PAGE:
Specifically, the presynaptic distribution of Fz1 determined in this work suggests that the activation of the Wnt signaling pathway through Fz1 could be operating at the presynaptic level, where it could modulate presynaptic structure and function. Consistent with this view, we observed that overexpression of Fz1 induced the clustering of Bassoon, which is a component of the presynaptic cytoskeletal matrix involved in the structural organization of neurotransmitter release sites and is delivered to nascent synapses via vesicles that are detectable early during the formation of synaptic junctions [21, 29]. Furthermore, treatment with the CRD of Fz1, the extracellular region of the receptor that binds Wnt molecules with high affinity , decreased the number of Bassoon puncta per neurite length, indicating that activation of endogenous Fz1-mediated signaling contributes to synapse formation. This effect was not observed when neurons were treated with the CRD of the Fz2 receptor, which has been shown to activate non-canonical Wnt pathways [22, 23]. The specificity of the Wnt-Fz interaction remains largely unknown, particularly in vertebrates, because of the large number of Wnts and Fzs; however, it is well known that Wnt-3a and Fz1 are functional partners [16, 24, 30]. We observed that Wnt-3a induced the clustering of Bassoon during the initial stages of synaptic assembly, increased synaptic vesicle recycling and increased the clustering of VGlut1. All these effects were prevented by co-treatment with the CRD of Fz1, suggesting the involvement of Wnt-3a/Fz1 signaling. VGluts are vesicular glutamate transporters that mediate the transport of glutamate from the cytoplasm into synaptic vesicles; they are therefore used as specific markers of the glutamatergic phenotype . VGlut1 is the major isoform in cortex, hippocampus and cerebellar cortex. The increase in the number of VGlut1 clusters indicates that Wnt-3a/Fz1 signaling increased the number of excitatory presynaptic puncta. In addition, we observed an increase in the number of SYP clusters, a synaptic vesicle membrane protein that has been associated with synaptic vesicle cycling and was shown to regulate activity-dependent synapse formation . Altogether, the increases in vesicle-associated and active zone protein clusters suggest that the Wnt-3a/Fz1 pathway modulates the assembly of presynaptic terminals. These pre-synaptic effects were observed after 1 h of treatment, whereas no effect on synaptic contact number was observed. On the other hand, in 24-h experiments, Wnt-3a did induce an increase in synaptic contact number that was prevented by co-treatment with the CRD of Fz1. These results suggest that Wnt-3a/Fz1 signaling may induce a fast increase in pre-synaptic protein clustering that may precede the increase in synaptic contacts.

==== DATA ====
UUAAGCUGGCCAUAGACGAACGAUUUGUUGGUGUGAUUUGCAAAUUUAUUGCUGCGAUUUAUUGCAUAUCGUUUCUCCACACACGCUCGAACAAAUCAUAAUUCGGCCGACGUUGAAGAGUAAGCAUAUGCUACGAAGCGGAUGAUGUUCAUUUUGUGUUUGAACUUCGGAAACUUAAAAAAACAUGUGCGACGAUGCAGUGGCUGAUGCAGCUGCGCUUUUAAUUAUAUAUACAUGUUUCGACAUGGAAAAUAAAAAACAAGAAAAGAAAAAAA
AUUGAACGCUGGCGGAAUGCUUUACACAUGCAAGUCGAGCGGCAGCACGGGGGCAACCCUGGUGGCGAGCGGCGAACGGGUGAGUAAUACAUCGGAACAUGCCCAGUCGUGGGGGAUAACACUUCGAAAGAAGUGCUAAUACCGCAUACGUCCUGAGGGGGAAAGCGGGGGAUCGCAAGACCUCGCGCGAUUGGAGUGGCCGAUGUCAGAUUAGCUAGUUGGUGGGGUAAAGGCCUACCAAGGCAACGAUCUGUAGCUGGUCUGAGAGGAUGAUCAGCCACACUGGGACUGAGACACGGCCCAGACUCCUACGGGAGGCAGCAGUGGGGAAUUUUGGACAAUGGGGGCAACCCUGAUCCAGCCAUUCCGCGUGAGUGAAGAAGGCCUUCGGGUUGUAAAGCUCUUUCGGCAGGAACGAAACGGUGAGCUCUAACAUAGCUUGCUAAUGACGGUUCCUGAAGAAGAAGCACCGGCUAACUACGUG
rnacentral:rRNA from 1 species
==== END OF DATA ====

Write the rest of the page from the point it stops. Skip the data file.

Synaptic vesicles accumulate neurotransmitters and secrete them upon stimulation. The recycling process of synaptic vesicles, including exocytosis, endocytosis and re-exocytosis, is essential for maintaining vesicle pools in the nerve terminals and ensuring normal synaptic transmission. The rate of vesicle turnover and the size of vesicle pools play a role in several forms of synaptic plasticity . Recently, we demonstrated that the canonical Wnt-7a ligand modulates the recycling and release of synaptic vesicles in functionally mature excitatory synapses in vitro. Here, we determined that Wnt-3a treatment increased the number of functional presynaptic sites in mature neurons, which is in agreement with previous findings showing that Wnt-3a increases the number of active recycling sites . Moreover, Wnt-3a increased the efficacy of synaptic vesicle exocytosis in synaptically mature neurons. These results suggest a role for the Wnt-3a/Fz1 pathway in presynaptic function in adult neurons. Interestingly, we have observed strong staining for synaptic Fz1 in older neurons (21 to 28 DIV), and the expression of Fz1 in the hippocampus increases gradually until adult stages, supporting the idea that it may have a role in mature synaptic function.